- Increased saliva production
How to Avoid Snake Bites
It is not a good idea to give your dog the idea that playing with snakes is an acceptable form of fun because the United States is home to several snake species known to be venomous.
Garter snakes are one of the least dangerous of these snakes.
When hiking in snake-infested areas, make sure your dog is on a leash at all times and consider signing him up for a snake avoidance course.
Ensure that they apply strategies that involve positive reinforcement.
Teaching your dog some simple commands, such as “leave it,” will also help to ensure his safety when off-leash.
Although vaccination has been approved for use in dogs and is available in some locations, the question of whether or not it is effective is still debatable.
Many medical professionals do not advocate for this vaccine because it is not a recommended “core” vaccine.
Even vaccinated dogs require veterinarian attention in case of a deadly snake bite. The vaccine is not safe or effective for feline patients.
How to Prevent Garter Snakes from Entering Your Yard
Some individuals, despite the creature’s amiability and lack of danger, will still not want it near their home.
Fortunately, there are many measures we can take to ensure that they never return.
Trim the Grass Regularly
Keeping the grass cut short is the simplest and most efficient solution.
Since garter snakes avoid being in the spotlight, they will avoid yards with short or artificial grass and instead look for more concealing environments.
Clear Away Bushes And Leaf Pile
To keep Garter Snakes from settling in our yard, you must first eliminate their potential food and shelter sources.
By denying these creatures their preferred hiding spots, you will have effectively eliminated half of their population.
Take Away All Food Sources
By maintaining a healthy garden, you can discourage Garter Snakes from settling in one area, giving them fewer reasons to hang near your home.
Use Snake Repellent
Finding a product that is going to be effective in warding off Garter Snakes is the most important thing to do, as many different snake repellents can be used, each with a different level of effectiveness.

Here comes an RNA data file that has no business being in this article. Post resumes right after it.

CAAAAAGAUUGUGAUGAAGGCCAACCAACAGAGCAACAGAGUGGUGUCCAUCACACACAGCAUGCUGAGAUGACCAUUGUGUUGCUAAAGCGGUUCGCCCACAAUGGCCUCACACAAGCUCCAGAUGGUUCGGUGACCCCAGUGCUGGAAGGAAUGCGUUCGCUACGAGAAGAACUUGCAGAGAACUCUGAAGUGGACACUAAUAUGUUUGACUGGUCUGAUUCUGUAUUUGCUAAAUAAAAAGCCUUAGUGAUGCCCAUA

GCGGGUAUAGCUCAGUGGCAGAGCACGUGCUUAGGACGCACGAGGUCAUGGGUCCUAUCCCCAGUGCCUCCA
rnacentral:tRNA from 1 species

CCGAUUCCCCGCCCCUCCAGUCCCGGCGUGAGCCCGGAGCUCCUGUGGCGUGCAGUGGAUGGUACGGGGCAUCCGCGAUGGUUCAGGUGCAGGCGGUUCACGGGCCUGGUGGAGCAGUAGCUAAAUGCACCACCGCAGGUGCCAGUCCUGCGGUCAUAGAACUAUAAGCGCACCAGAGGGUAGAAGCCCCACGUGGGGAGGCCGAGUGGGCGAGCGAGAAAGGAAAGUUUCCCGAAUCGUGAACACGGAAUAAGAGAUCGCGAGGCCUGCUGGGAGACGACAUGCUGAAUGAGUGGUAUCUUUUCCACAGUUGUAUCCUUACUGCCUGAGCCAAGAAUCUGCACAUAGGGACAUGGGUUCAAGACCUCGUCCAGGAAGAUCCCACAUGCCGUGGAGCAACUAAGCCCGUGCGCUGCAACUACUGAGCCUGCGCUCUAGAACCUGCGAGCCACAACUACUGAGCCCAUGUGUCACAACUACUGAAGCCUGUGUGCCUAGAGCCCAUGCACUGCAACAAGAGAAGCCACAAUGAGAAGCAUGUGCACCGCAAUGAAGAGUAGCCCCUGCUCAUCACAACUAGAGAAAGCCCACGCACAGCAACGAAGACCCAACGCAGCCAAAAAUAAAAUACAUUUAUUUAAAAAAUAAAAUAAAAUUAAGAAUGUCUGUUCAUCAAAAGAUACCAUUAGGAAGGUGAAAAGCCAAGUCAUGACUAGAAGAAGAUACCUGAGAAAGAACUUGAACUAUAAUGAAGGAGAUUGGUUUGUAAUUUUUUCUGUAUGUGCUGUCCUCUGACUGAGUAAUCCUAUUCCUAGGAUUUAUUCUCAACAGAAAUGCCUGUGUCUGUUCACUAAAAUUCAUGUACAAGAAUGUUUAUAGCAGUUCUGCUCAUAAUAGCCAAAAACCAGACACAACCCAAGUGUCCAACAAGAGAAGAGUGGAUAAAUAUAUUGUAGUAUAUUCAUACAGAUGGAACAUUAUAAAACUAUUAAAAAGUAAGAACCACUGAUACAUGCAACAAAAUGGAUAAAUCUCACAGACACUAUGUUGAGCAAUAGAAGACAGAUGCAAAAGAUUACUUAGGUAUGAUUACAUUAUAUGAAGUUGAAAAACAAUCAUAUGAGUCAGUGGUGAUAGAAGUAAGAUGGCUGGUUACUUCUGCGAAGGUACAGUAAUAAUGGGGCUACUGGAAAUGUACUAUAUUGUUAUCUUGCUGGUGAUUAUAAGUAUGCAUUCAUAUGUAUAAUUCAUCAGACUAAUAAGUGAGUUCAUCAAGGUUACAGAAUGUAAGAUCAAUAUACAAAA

There is nothing more disheartening than having a glimmer of optimism dashed to find Garter Snakes still lurking around your house.
Top With an Unsuitable Surface
If you use a surface in your garden like Lava rocks that these snakes find uninviting or impossible to get into, you can expect them to move on in search of more suitable surroundings.
Catch And Relocate
Manually capturing the snakes, assuming you can locate them, is another option.
You can effectively get rid of Garter Snakes by setting traps for them. If you use food as bait, you should be able to catch and remove the animals effortlessly.
Where Do Garter Snakes Sleep?
One of the many reasons why garter snakes make such wonderful pets is the fact that they are active during the day.
They prefer to huddle together, out of sight, and in packs while they sleep at night.
Making sure there is nowhere for them to hide, such as in the foundation of your home or beneath huge rocks, is another very helpful way of making sure that these snakes don’t lurk around in the area around your home.
Can Garter Snakes Hurt Dogs
So, while garter snakes are mostly harmless for dogs and other pets, it’s often difficult to predict the behavior of these animals.
The best thing to do is to keep these animals separate. Even if you have a pet garter snake, make sure they are never together unsupervised.